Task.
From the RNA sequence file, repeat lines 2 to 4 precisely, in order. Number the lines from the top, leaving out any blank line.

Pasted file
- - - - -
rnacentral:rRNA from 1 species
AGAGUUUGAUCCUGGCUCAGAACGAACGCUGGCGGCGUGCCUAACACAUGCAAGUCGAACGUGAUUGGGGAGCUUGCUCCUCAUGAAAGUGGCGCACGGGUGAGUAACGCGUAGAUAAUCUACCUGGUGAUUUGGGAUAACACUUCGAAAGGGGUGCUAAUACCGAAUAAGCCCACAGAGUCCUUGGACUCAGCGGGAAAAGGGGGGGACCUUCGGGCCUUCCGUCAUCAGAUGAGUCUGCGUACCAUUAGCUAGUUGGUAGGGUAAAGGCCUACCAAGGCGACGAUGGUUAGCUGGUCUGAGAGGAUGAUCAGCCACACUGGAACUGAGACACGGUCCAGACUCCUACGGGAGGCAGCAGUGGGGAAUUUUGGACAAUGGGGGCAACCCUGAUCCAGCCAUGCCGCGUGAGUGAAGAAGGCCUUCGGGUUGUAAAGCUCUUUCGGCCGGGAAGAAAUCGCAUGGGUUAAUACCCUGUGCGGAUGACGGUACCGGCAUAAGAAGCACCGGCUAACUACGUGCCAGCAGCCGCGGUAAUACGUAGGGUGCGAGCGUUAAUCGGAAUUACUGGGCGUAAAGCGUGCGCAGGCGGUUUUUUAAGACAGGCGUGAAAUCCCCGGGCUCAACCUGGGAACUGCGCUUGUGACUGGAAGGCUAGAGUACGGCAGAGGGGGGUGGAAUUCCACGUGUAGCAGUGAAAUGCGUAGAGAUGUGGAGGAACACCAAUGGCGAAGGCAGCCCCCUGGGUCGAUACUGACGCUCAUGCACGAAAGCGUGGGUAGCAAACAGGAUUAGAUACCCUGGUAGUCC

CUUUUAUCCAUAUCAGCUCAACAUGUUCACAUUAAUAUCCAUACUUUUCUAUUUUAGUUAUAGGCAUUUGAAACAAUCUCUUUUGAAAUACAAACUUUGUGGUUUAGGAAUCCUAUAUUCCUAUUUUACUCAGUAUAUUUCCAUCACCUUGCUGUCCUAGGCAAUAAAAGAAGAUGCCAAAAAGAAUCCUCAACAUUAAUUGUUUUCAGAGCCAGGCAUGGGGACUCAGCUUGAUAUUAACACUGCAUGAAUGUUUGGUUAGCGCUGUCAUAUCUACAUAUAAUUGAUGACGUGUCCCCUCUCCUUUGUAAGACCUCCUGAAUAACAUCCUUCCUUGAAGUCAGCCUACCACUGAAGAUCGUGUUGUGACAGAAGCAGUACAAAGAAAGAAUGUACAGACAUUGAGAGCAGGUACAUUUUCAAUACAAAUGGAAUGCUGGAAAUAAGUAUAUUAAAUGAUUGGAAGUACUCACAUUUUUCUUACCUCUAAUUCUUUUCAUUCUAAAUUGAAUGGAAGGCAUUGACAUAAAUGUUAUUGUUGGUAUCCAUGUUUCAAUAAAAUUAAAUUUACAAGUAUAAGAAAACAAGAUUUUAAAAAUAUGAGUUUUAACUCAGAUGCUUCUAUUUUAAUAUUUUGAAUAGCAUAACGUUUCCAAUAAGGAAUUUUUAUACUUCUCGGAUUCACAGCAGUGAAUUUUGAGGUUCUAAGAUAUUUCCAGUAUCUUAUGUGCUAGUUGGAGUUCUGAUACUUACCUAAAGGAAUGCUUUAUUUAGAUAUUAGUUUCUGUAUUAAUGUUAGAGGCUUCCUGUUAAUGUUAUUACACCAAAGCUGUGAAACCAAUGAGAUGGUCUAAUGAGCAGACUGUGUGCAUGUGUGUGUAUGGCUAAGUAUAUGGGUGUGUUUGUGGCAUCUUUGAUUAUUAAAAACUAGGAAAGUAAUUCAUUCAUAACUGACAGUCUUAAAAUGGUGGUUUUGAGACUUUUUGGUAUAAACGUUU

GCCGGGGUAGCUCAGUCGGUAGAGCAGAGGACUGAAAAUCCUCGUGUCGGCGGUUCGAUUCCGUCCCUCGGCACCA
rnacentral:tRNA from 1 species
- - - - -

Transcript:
AGAGUUUGAUCCUGGCUCAGAACGAACGCUGGCGGCGUGCCUAACACAUGCAAGUCGAACGUGAUUGGGGAGCUUGCUCCUCAUGAAAGUGGCGCACGGGUGAGUAACGCGUAGAUAAUCUACCUGGUGAUUUGGGAUAACACUUCGAAAGGGGUGCUAAUACCGAAUAAGCCCACAGAGUCCUUGGACUCAGCGGGAAAAGGGGGGGACCUUCGGGCCUUCCGUCAUCAGAUGAGUCUGCGUACCAUUAGCUAGUUGGUAGGGUAAAGGCCUACCAAGGCGACGAUGGUUAGCUGGUCUGAGAGGAUGAUCAGCCACACUGGAACUGAGACACGGUCCAGACUCCUACGGGAGGCAGCAGUGGGGAAUUUUGGACAAUGGGGGCAACCCUGAUCCAGCCAUGCCGCGUGAGUGAAGAAGGCCUUCGGGUUGUAAAGCUCUUUCGGCCGGGAAGAAAUCGCAUGGGUUAAUACCCUGUGCGGAUGACGGUACCGGCAUAAGAAGCACCGGCUAACUACGUGCCAGCAGCCGCGGUAAUACGUAGGGUGCGAGCGUUAAUCGGAAUUACUGGGCGUAAAGCGUGCGCAGGCGGUUUUUUAAGACAGGCGUGAAAUCCCCGGGCUCAACCUGGGAACUGCGCUUGUGACUGGAAGGCUAGAGUACGGCAGAGGGGGGUGGAAUUCCACGUGUAGCAGUGAAAUGCGUAGAGAUGUGGAGGAACACCAAUGGCGAAGGCAGCCCCCUGGGUCGAUACUGACGCUCAUGCACGAAAGCGUGGGUAGCAAACAGGAUUAGAUACCCUGGUAGUCC

CUUUUAUCCAUAUCAGCUCAACAUGUUCACAUUAAUAUCCAUACUUUUCUAUUUUAGUUAUAGGCAUUUGAAACAAUCUCUUUUGAAAUACAAACUUUGUGGUUUAGGAAUCCUAUAUUCCUAUUUUACUCAGUAUAUUUCCAUCACCUUGCUGUCCUAGGCAAUAAAAGAAGAUGCCAAAAAGAAUCCUCAACAUUAAUUGUUUUCAGAGCCAGGCAUGGGGACUCAGCUUGAUAUUAACACUGCAUGAAUGUUUGGUUAGCGCUGUCAUAUCUACAUAUAAUUGAUGACGUGUCCCCUCUCCUUUGUAAGACCUCCUGAAUAACAUCCUUCCUUGAAGUCAGCCUACCACUGAAGAUCGUGUUGUGACAGAAGCAGUACAAAGAAAGAAUGUACAGACAUUGAGAGCAGGUACAUUUUCAAUACAAAUGGAAUGCUGGAAAUAAGUAUAUUAAAUGAUUGGAAGUACUCACAUUUUUCUUACCUCUAAUUCUUUUCAUUCUAAAUUGAAUGGAAGGCAUUGACAUAAAUGUUAUUGUUGGUAUCCAUGUUUCAAUAAAAUUAAAUUUACAAGUAUAAGAAAACAAGAUUUUAAAAAUAUGAGUUUUAACUCAGAUGCUUCUAUUUUAAUAUUUUGAAUAGCAUAACGUUUCCAAUAAGGAAUUUUUAUACUUCUCGGAUUCACAGCAGUGAAUUUUGAGGUUCUAAGAUAUUUCCAGUAUCUUAUGUGCUAGUUGGAGUUCUGAUACUUACCUAAAGGAAUGCUUUAUUUAGAUAUUAGUUUCUGUAUUAAUGUUAGAGGCUUCCUGUUAAUGUUAUUACACCAAAGCUGUGAAACCAAUGAGAUGGUCUAAUGAGCAGACUGUGUGCAUGUGUGUGUAUGGCUAAGUAUAUGGGUGUGUUUGUGGCAUCUUUGAUUAUUAAAAACUAGGAAAGUAAUUCAUUCAUAACUGACAGUCUUAAAAUGGUGGUUUUGAGACUUUUUGGUAUAAACGUUU

GCCGGGGUAGCUCAGUCGGUAGAGCAGAGGACUGAAAAUCCUCGUGUCGGCGGUUCGAUUCCGUCCCUCGGCACCA